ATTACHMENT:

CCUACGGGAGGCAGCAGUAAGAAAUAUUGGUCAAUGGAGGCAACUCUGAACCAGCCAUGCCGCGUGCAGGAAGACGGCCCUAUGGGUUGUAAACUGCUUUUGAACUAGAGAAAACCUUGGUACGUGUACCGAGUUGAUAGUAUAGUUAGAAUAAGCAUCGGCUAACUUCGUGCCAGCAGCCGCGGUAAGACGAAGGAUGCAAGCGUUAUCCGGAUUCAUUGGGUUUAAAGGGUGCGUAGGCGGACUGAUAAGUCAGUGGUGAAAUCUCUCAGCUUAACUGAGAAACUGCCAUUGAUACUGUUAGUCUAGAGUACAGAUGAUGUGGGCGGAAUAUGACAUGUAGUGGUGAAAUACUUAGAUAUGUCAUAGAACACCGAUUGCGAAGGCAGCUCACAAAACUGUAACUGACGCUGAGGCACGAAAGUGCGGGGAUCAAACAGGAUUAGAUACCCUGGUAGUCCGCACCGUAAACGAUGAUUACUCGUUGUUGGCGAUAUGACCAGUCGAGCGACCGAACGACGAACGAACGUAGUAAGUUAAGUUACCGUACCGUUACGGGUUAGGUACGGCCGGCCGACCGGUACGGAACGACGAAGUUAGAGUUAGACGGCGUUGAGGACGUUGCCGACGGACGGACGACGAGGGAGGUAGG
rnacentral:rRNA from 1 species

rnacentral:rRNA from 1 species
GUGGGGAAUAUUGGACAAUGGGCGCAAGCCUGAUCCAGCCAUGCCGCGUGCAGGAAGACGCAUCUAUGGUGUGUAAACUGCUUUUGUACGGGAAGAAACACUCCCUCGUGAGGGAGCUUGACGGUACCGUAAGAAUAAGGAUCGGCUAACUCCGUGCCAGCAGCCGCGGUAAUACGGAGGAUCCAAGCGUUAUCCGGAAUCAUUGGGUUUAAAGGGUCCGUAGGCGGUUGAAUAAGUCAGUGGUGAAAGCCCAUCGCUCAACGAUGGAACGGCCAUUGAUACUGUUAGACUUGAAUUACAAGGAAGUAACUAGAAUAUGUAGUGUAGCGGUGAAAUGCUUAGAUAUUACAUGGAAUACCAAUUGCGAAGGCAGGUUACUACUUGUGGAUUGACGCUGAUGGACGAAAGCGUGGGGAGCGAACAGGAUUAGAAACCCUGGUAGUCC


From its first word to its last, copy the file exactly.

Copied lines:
CCUACGGGAGGCAGCAGUAAGAAAUAUUGGUCAAUGGAGGCAACUCUGAACCAGCCAUGCCGCGUGCAGGAAGACGGCCCUAUGGGUUGUAAACUGCUUUUGAACUAGAGAAAACCUUGGUACGUGUACCGAGUUGAUAGUAUAGUUAGAAUAAGCAUCGGCUAACUUCGUGCCAGCAGCCGCGGUAAGACGAAGGAUGCAAGCGUUAUCCGGAUUCAUUGGGUUUAAAGGGUGCGUAGGCGGACUGAUAAGUCAGUGGUGAAAUCUCUCAGCUUAACUGAGAAACUGCCAUUGAUACUGUUAGUCUAGAGUACAGAUGAUGUGGGCGGAAUAUGACAUGUAGUGGUGAAAUACUUAGAUAUGUCAUAGAACACCGAUUGCGAAGGCAGCUCACAAAACUGUAACUGACGCUGAGGCACGAAAGUGCGGGGAUCAAACAGGAUUAGAUACCCUGGUAGUCCGCACCGUAAACGAUGAUUACUCGUUGUUGGCGAUAUGACCAGUCGAGCGACCGAACGACGAACGAACGUAGUAAGUUAAGUUACCGUACCGUUACGGGUUAGGUACGGCCGGCCGACCGGUACGGAACGACGAAGUUAGAGUUAGACGGCGUUGAGGACGUUGCCGACGGACGGACGACGAGGGAGGUAGG
rnacentral:rRNA from 1 species

rnacentral:rRNA from 1 species
GUGGGGAAUAUUGGACAAUGGGCGCAAGCCUGAUCCAGCCAUGCCGCGUGCAGGAAGACGCAUCUAUGGUGUGUAAACUGCUUUUGUACGGGAAGAAACACUCCCUCGUGAGGGAGCUUGACGGUACCGUAAGAAUAAGGAUCGGCUAACUCCGUGCCAGCAGCCGCGGUAAUACGGAGGAUCCAAGCGUUAUCCGGAAUCAUUGGGUUUAAAGGGUCCGUAGGCGGUUGAAUAAGUCAGUGGUGAAAGCCCAUCGCUCAACGAUGGAACGGCCAUUGAUACUGUUAGACUUGAAUUACAAGGAAGUAACUAGAAUAUGUAGUGUAGCGGUGAAAUGCUUAGAUAUUACAUGGAAUACCAAUUGCGAAGGCAGGUUACUACUUGUGGAUUGACGCUGAUGGACGAAAGCGUGGGGAGCGAACAGGAUUAGAAACCCUGGUAGUCC